Ketanji Brown Jackson Plans to Recuse From Harvard Race-Based Admissions Case

Ketanji Brown Jackson Plans to Recuse From Harvard Race-Based Admissions Case
Judge Ketanji Brown Jackson testifies on her nomination to become an Associate Justice of the US Supreme Court, during the third day of a Senate Judiciary Committee confirmation hearing on Capitol Hill in Washington, DC, March 23, 2022. (Photo by SAUL LOEB / AFP) (Photo by SAUL LOEB/AFP via Getty Images)
Bill Pan

Judge Ketanji Brown Jackson, whom President Joe Biden has picked to fill the Supreme Court vacancy, said Wednesday that if confirmed, she would recuse herself from a case examining Harvard University's "race-conscious" admissions policies.

The dispute over Harvard's admissions policy was first raised in 2014 by advocacy group Students for Fair Admissions (SFFA), on behalf of a coalition of students who claimed to have been rejected by Harvard because of their Asian ancestry. In 2020, the Court of Appeals for the First Circuit upheld a lower court decision that it is not discriminatory when Harvard considers an applicant's race as one factor in its admissions process, prompting the SFFA to take the legal battle to the highest court.

Jackson, who currently sits on the Court of Appeals for the District of Columbia Circuit, is also a member of the Harvard Board of Overseers, the second-highest governing body of the Ivy League school. Her six-year term is set to expire later this spring.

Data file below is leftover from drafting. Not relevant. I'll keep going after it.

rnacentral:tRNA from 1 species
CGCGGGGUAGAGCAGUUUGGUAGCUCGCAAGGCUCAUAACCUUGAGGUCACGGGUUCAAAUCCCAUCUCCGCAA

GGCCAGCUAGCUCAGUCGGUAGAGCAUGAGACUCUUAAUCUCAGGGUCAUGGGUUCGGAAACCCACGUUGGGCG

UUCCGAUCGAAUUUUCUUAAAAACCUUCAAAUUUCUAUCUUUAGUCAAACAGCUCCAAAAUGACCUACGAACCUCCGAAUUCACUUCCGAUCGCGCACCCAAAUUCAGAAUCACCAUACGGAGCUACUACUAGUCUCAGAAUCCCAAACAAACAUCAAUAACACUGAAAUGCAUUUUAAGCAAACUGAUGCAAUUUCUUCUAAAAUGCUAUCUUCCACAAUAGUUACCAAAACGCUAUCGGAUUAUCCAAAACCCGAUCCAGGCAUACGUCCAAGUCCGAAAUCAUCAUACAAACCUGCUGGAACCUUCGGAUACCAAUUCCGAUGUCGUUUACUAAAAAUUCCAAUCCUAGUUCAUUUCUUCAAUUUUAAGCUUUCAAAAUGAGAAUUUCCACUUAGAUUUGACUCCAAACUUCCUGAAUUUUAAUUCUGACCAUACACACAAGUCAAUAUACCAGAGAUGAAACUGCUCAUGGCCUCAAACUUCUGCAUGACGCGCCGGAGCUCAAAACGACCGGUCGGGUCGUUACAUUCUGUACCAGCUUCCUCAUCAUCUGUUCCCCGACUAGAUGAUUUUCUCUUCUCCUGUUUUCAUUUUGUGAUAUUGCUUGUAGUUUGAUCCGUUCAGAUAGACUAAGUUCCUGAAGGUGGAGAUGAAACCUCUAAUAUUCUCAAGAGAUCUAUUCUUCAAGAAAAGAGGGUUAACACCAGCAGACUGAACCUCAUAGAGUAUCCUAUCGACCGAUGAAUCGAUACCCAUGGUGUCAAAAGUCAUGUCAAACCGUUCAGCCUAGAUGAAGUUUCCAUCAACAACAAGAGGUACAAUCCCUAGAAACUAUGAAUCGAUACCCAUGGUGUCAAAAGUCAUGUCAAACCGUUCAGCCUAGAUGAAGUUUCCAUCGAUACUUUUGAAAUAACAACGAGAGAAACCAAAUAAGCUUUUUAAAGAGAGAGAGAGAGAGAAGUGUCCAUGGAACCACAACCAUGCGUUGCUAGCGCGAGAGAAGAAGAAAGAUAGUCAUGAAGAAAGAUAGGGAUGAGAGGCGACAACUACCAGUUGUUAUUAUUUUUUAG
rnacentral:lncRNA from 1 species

When asked by Sen. Ted Cruz (R-Texas) whether she would recuse herself from the lawsuit challenging what he called "explicit and egregious policy of discriminating against Asian Americans," Jackson responded that she plans to do so.

"You're on the board of overseers of Harvard. If you are confirmed, do you intend to recuse from this lawsuit?" asked Cruz, who was a classmate of Jackson at Harvard Law School in the early 1990s and served as chief editor of student journal Harvard Law Review.

"That is my plan, Senator," Jackson replied.

Before the Supreme Court nomination, Jackson had made recusal decisions due to her Harvard post. In 2016, Jackson recused herself from a case challenging the U.S. Department of Education's guidelines for how colleges should handle sexual misconduct allegations. She explained in a questionnaire (pdf) provided to the Senate Judiciary Committee that it was to avoid an apparent conflict of interest.

"I recused myself from [the 2016 case] because ... I was serving on the board of a university that was evaluating its own potential response to those guidelines," Jackson wrote. "After reviewing the Code of Conduct for United States Judges, I determined that my impartiality might reasonably be questioned and that this issue was incurable."

The Supreme Court will hear the Harvard case this fall. It will also hear an appeal of a ruling that the University of North Carolina (UNC) at Chapel Hill's consideration of race in admissions was constitutional. The two cases involve almost identical issues, except that Harvard is a private institution and therefore, unlike UNC, is not bound by the Fourteenth Amendment.

Cruz did not ask about the UNC case, although it is possible that the two cases get consolidated into one, with two schools putting up a joint defense. Jackson would still need to recuse herself in that scenario.